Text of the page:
Stewart Harris of the Lincoln Memorial University – Duncan School of Law offers this bit of history that we must remember. Stewart is also host of the NPR program “Your Weekly Constitutional.”
In Our Own Back Yard
Constitutional law sometimes seems like something that happens out there, somewhere, to someone else. Think the Electoral College or the crisis at our southern border. But that’s not the case. The Constitution affects each us, every day, right where we live. Sometimes profoundly.
If you’re of a certain age, you know all about East Tennessee’s great constitutional moment, which occurred in the late 1950s. But if you’re a young whippersnapper (say, under 40), or if you came to the area only as an adult, you may need a refresher.
The Clinton 12 were a dozen African-American high school students—Maurice Soles, Anna Theresser Caswell, Alfred Williams, Regina Turner Smith, William R. Latham, Gail Ann Epps Upton, Ronald Gordon “Poochie” Hayden, Robert Thacker, Minnie Ann Dickie Jones, Bobby Cain, Alvah McSwain, and Jo Ann Crozier Allen—who led the first court-ordered desegregation of a Southern public school after Brown v. Board of Education. It was a year before Little Rock. (Oak Ridge desegregated even earlier than Clinton, but it did so without a court order).
Recently, Marilyn Hayden, the Director of the Green McAdoo Cultural Center, arranged for me to speak with retired lawyer Jerry Shattuck. We met at the Center, a memorial to the Clinton 12 constructed in a building that was once a segregated school for “colored” children. Jerry and I sat down in the former principal’s office, a tiny room that had also served as the school’s library.
Jerry told me that a local legal challenge to segregation, McSwain v. Anderson County, had started before Brown, but ran smack into controlling precedent: U.S. District Judge Robert L. Taylor followed the “separate but equal” doctrine of Plessy v. Ferguson. But then, after Brown overruled Plessy, Judge Taylor ordered the school to desegregate, pursuant to Brown II, “with all deliberate speed.”
Clinton did not need much time for deliberation. The school board came up with a plan, and, in the fall of 1956, Clinton High School implemented it, mostly without incident. There were protests, mostly small, mostly by outsiders, but the community followed the law.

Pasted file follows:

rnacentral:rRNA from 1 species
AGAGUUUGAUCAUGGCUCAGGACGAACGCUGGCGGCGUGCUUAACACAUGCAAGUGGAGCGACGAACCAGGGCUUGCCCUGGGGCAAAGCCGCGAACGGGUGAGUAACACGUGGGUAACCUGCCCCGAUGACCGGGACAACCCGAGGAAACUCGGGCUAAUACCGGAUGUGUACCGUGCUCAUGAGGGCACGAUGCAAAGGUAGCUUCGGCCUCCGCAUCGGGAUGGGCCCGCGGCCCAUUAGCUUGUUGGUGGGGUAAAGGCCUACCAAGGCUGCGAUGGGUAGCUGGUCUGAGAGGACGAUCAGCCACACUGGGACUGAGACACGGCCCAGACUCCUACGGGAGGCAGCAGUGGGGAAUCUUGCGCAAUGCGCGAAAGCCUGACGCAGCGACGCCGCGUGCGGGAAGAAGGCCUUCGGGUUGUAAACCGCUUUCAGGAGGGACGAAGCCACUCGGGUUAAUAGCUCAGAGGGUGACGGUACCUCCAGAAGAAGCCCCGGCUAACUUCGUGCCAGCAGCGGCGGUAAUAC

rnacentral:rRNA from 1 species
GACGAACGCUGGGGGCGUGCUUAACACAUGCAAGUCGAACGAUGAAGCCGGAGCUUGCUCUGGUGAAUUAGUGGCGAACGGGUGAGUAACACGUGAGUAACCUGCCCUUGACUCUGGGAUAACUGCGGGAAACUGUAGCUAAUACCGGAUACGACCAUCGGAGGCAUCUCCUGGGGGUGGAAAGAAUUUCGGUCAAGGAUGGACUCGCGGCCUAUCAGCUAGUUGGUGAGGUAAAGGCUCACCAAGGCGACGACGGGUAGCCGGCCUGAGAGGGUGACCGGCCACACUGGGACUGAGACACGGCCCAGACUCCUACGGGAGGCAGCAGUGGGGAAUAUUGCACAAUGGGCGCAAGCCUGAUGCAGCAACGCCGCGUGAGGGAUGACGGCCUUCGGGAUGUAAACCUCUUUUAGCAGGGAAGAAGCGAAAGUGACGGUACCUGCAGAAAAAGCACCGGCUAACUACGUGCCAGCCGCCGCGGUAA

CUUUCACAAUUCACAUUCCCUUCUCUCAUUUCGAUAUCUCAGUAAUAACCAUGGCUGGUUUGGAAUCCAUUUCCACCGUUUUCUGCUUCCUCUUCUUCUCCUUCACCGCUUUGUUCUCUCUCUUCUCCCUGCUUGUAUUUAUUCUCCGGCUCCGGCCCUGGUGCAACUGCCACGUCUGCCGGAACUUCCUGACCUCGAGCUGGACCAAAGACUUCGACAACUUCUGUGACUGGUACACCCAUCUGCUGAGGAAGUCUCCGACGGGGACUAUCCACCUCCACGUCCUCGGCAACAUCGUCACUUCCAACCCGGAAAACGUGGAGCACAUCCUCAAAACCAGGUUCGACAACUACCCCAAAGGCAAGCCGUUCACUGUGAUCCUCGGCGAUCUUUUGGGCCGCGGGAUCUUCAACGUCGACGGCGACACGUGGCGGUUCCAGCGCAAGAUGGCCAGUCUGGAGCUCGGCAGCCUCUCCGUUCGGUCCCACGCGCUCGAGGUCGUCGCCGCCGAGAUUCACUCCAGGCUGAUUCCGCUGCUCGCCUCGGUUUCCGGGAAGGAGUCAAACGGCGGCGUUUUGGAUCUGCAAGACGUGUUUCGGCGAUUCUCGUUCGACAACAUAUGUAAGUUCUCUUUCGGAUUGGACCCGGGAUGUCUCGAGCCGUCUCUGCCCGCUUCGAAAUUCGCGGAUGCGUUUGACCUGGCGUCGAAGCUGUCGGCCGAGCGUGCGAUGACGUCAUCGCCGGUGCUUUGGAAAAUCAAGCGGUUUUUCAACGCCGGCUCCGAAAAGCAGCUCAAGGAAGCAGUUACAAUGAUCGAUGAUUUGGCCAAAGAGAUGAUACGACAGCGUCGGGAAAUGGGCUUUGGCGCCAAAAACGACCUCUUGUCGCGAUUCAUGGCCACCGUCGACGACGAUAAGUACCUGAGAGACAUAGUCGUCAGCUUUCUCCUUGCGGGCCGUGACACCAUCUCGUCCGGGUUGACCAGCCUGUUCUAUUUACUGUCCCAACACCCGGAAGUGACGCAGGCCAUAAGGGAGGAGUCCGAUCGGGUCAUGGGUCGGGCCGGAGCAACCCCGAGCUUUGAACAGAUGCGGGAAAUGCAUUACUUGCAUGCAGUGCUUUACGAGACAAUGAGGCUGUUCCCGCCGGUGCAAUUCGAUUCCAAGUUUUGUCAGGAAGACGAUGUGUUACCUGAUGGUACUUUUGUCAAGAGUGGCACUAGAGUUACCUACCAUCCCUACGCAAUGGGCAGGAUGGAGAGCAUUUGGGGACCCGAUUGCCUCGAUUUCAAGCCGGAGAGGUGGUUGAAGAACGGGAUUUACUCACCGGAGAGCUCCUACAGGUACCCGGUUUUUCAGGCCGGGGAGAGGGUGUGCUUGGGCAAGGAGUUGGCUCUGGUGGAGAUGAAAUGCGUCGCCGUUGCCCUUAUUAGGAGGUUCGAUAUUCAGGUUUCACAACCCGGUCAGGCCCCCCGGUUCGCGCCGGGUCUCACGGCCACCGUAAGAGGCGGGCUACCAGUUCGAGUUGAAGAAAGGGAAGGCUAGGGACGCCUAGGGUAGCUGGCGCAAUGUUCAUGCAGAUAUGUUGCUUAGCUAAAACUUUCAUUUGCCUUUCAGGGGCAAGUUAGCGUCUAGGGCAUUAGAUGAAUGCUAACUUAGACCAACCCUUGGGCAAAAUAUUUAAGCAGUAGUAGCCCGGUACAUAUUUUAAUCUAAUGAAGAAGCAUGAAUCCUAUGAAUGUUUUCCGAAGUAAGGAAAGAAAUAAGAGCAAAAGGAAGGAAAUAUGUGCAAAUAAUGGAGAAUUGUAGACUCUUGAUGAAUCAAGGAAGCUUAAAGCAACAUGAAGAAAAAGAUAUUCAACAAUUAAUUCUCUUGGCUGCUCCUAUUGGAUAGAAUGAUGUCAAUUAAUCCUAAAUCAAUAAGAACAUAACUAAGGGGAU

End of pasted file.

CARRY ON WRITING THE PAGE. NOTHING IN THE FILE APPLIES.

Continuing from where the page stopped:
But then the protests grew. Segregationists from throughout the South made Clinton their rallying point. Thousands of rabid racists flooded the small town, recruiting like-minded locals, taunting and spitting on the Clinton 12 as they walked from the black part of town to attend school. Some students harassed the Clinton 12 at school, jostling them in the hallways, knocking their books to the floor. The international press took notice. It was a circus.
But most Clintonians responded with dignity and compassion. Clinton High’s principal posted his strapping young football team (including a teenaged Jerry Shattuck) in the halls. The harassment quickly ended. Baptist minister Paul Turner, a white man, escorted the Clinton 12 to school. He kept the children safe, but, on his way back to his church, he was chased and beaten by the mob.
A group of thugs forced their way into the high school. The Home Economics teacher, a diminutive woman, confronted them. They slammed her into a wall. A member of Clinton High’s marching band, Dennis Holland, ran, alone, toward the thugs. They ran away. Dennis soon received death threats. His family sent him to live with relatives in Florida.
As at Lexington and Concord, the call went out. Local citizens stepped forward to stand with the police, to repel the invaders. But the invaders kept coming. Eventually, the newly-formed “White Citizens’ Council” decided to do more than scream and spit and beat innocent people. They decided to charge the police, to take their weapons, and kill them.
Town officials had been in constant touch with state authorities, who were understandably reluctant to intervene. But when the racists attacked, Governor Frank Clement responded. In a scene reminiscent of a John Ford western, a convoy of cars roared into town, red lights flashing. A door opened and Greg O’Rear, the six-foot-eight head of the Tennessee State Police, rose and leaned his shotgun over his shoulder. “Boys,” he said, “it’s all over.”
And it was. For a time. The next school year was uneventful. Black children and white children learned together. Jerry Shattuck graduated and went off to college at Princeton.
Then, in the fall of 1958, two years after integration, the people of Clinton awakened to a series of explosions. Someone had dynamited the high school. It was gone.
Instantly, East Tennessee sprang into action. Nearby Oak Ridge, Clinton’s perennial football rival, opened an old closed school. Volunteers cleaned and painted. Within a week, the school was ready.
Buses took Clinton High’s integrated student body to Oak Ridge. As they emerged, Oak Ridge’s marching band greeted them with Clinton’s alma mater.
The Constitution touches all of us, where we live, every day. But it means nothing unless good people stand up for it. In the late 1950’s, the good people of East Tennessee did just that. May we all be inspired by their example. And may we always remember the Clinton 12.